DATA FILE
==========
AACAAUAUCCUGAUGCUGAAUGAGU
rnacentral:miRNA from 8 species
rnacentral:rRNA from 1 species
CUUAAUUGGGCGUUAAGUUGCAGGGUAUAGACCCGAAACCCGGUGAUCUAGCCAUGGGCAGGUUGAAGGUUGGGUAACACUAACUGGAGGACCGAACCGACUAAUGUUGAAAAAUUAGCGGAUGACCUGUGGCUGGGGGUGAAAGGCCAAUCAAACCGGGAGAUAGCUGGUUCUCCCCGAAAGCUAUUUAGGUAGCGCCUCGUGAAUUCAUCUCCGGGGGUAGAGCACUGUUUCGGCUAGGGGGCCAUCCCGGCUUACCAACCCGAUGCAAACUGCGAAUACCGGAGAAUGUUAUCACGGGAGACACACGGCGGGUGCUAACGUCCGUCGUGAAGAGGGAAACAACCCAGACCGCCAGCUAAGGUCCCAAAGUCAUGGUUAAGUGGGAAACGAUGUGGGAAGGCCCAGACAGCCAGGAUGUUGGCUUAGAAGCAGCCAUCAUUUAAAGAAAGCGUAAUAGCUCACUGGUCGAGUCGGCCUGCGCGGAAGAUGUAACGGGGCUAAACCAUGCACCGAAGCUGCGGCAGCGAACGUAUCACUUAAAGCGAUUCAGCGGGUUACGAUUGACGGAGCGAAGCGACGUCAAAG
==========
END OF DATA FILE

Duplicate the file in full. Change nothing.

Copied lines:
AACAAUAUCCUGAUGCUGAAUGAGU
rnacentral:miRNA from 8 species
rnacentral:rRNA from 1 species
CUUAAUUGGGCGUUAAGUUGCAGGGUAUAGACCCGAAACCCGGUGAUCUAGCCAUGGGCAGGUUGAAGGUUGGGUAACACUAACUGGAGGACCGAACCGACUAAUGUUGAAAAAUUAGCGGAUGACCUGUGGCUGGGGGUGAAAGGCCAAUCAAACCGGGAGAUAGCUGGUUCUCCCCGAAAGCUAUUUAGGUAGCGCCUCGUGAAUUCAUCUCCGGGGGUAGAGCACUGUUUCGGCUAGGGGGCCAUCCCGGCUUACCAACCCGAUGCAAACUGCGAAUACCGGAGAAUGUUAUCACGGGAGACACACGGCGGGUGCUAACGUCCGUCGUGAAGAGGGAAACAACCCAGACCGCCAGCUAAGGUCCCAAAGUCAUGGUUAAGUGGGAAACGAUGUGGGAAGGCCCAGACAGCCAGGAUGUUGGCUUAGAAGCAGCCAUCAUUUAAAGAAAGCGUAAUAGCUCACUGGUCGAGUCGGCCUGCGCGGAAGAUGUAACGGGGCUAAACCAUGCACCGAAGCUGCGGCAGCGAACGUAUCACUUAAAGCGAUUCAGCGGGUUACGAUUGACGGAGCGAAGCGACGUCAAAG